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Indians' Schrom Keeps Angels in Batting Fog With Win on 2-Hitter

June 07, 1986|GENE WOJCIECHOWSKI | Times Staff Writer

CLEVELAND — Angel pitcher Kirk McCaskill was at it again Friday night, confounding batters with this and that, allowing just six hits, striking out six, lasting another nine innings.

"I'll take that stuff I had tonight out every time," McCaskill said.

Trouble was, the Angels were big on repeat performances, too, which goes a long way in explaining their 3-0 loss to the Cleveland Indians.

For the second consecutive game, the Angels failed to score a run, extending their scoreless streak to 19 innings. Over the same stretch, the Angels have managed just three hits, something guys like Wally Joyner used to do in one game.

But these are hard times. Joyner is in an 0-for-15 slump and has seen his average drop from .308 to .287 in the last five games. Ruppert Jones is 2 for his last 20, Rob Wilfong is 3 for his last 27, Dick Schofield is 0 for his last 10 and Jack Howell, who has been serving as Doug DeCinces' replacement at third base, is 2 for 18.

"I don't think there's any question our offense is a little bit stagnant right now," outfielder Brian Downing said.

Friday night, it was former Angel property Ken Schrom who became a local hero to the 9,387 fans that ventured into foggy Municipal Stadium. Schrom allowed just two hits, one a clean line-drive single to right field by Gary Pettis, the other a high infield chopper that Howell beat out at first base.

That was it. Pettis had the distinction of being the only Angel to reach second base when Joyner moved him over on a ground ball to second in the first inning. There Pettis stayed as Downing lined out to third and Reggie Jackson grounded to Schrom. That about did it for Angel scoring threats as Schrom retired 22 of the last 23 batters and 27 of the last 29.

"Hypnotic, hypnotic," Manager Gene Mauch said of Schrom's first shutout since September 1983.

Mauch is becoming an unwilling expert on this sort of thing. Wednesday night, he watched New York Yankees starter Joe Niekro limit the Angels to no runs, one hit and six base-runners. Now he's forced to sit through another nine innings to watch the Angels put, ta-da , four men on base.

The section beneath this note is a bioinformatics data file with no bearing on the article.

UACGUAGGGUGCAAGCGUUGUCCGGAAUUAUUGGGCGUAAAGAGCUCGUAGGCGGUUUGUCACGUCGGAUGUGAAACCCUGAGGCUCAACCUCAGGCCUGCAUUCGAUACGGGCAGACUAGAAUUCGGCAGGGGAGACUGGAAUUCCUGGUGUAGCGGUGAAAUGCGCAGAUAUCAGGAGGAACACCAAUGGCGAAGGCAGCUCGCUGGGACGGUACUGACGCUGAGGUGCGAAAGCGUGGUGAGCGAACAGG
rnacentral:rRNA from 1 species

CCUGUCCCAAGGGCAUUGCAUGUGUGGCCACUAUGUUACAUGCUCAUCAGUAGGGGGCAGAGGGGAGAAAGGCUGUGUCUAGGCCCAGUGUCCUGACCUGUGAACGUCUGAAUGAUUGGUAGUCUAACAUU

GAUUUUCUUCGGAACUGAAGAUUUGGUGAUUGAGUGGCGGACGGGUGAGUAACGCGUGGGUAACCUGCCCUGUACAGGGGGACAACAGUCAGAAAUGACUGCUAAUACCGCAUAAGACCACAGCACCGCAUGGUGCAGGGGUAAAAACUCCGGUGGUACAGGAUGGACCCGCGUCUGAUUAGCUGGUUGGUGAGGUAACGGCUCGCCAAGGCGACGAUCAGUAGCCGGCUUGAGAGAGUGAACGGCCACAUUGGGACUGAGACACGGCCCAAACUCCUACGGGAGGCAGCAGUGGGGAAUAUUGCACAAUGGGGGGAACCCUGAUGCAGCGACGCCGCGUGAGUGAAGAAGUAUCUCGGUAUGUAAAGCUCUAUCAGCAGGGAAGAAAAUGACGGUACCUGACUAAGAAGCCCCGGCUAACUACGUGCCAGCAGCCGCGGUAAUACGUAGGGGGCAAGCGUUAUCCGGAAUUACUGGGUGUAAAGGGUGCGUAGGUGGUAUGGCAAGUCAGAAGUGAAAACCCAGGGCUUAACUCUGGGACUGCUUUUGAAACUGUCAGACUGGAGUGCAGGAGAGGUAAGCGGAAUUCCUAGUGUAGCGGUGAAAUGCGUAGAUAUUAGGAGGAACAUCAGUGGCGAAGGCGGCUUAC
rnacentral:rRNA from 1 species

"I don't know how (Schrom) did it," Mauch said. "He did a damn good job. I'll spend the rest of the night trying to figure it out.

"Somebody usually pays for things like this. I don't know if it will be tomorrow, the next day, but somebody will pay for it."

The Angels remain in third place in the American League West with a 26-27 record and are 2 1/2 games behind the Texas Rangers. It could be worse. They could be the Indians, who, with one one less victory, find themselves 11 1/2 games behind the Boston Red Sox in the AL East.

Surprisingly chipper was McCaskill, who now has received two runs and nine hits from the Angels in his last 18 innings of work. "What am I going to do, come in here and fight every guy on the team?" he said.

McCaskill allowed a leadoff single to Mel Hall in the second inning, followed by another single by Tony Bernazard. That moved Hall to third, and he scored on Pat Tabler's ensuing high chopper to Howell at third.

From there, McCaskill retired 17 of 19 batters before catcher Andy Allanson singled, leading off the eighth. Allanson was forced out on Brett Butler's fielder's choice to Joyner at first. Julio Franco flied out to right for the second out, and outfielder Joe Carter was up next.

"We were under the impression that he was going to be taking (the pitch)," McCaskill said of a first-pitch fastball to Carter. "We figured with two outs and with Butler on first . . . we thought they'd give Butler a chance to steal."

So much for first impressions. Carter sent McCaskill's pitch into the second deck of the left-field seats. "He can't hit a ball harder than he hit it," McCaskill said. "If he can, I don't want to see it, I don't want to hear about it."

Carter, who singled earlier in the game, has hit safely in 19 consecutive games, the longest such streak of the season.

Later, as McCaskill changed into his civvies, Reggie Jackson stopped by for a handshake and a brief chat.

"You pitched well," Jackson said. "I owe you one, I owe you one."

Actually, Jackson can include the remainder of the Angel batting order. They helped.

"You can't get all uptight about it," Downing said. "Hopefully, the road isn't too long. Hopefully, it's a lane, not an interstate."

Angel Notes

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